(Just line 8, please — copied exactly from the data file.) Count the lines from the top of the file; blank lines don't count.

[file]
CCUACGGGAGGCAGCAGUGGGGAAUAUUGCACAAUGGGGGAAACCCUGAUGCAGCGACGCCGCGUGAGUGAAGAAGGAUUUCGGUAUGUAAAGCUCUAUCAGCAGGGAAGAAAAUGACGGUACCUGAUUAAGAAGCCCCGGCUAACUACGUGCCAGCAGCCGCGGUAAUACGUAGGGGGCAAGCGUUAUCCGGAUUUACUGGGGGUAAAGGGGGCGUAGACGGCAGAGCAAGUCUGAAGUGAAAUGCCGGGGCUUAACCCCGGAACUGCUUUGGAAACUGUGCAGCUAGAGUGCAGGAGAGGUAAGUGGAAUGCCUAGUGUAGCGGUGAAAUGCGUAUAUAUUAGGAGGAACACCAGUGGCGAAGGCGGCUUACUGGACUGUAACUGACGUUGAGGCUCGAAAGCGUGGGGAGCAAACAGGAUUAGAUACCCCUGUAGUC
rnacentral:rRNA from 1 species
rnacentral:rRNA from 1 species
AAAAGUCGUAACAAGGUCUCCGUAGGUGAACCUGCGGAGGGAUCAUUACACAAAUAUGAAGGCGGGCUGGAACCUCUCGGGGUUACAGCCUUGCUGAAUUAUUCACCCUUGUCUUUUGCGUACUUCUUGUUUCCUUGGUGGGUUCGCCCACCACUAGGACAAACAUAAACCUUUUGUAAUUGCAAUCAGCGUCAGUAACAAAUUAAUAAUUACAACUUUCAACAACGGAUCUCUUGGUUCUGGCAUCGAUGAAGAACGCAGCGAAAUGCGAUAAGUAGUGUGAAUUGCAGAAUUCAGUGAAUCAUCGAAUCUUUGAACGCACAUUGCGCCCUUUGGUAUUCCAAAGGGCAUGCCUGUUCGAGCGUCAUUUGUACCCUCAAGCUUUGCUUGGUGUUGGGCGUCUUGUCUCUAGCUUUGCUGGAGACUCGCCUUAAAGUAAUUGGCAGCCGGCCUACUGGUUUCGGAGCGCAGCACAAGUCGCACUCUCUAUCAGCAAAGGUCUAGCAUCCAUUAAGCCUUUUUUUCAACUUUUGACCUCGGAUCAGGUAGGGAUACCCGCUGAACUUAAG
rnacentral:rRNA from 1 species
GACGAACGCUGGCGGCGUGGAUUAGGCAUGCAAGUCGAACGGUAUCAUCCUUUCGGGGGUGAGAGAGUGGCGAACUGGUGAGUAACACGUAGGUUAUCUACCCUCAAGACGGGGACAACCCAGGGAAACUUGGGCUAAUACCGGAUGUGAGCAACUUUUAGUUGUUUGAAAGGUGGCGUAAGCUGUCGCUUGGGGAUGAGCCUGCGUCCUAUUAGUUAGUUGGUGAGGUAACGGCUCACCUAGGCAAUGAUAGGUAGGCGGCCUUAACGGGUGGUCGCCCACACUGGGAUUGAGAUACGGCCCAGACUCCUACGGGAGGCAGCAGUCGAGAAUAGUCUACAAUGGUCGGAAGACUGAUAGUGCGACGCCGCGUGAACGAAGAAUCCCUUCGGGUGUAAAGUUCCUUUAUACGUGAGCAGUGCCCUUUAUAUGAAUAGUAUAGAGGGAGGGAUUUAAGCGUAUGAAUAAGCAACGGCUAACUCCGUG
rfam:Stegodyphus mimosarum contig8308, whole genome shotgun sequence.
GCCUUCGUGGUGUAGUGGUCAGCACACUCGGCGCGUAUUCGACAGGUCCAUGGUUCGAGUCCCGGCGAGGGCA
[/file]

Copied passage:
GCCUUCGUGGUGUAGUGGUCAGCACACUCGGCGCGUAUUCGACAGGUCCAUGGUUCGAGUCCCGGCGAGGGCA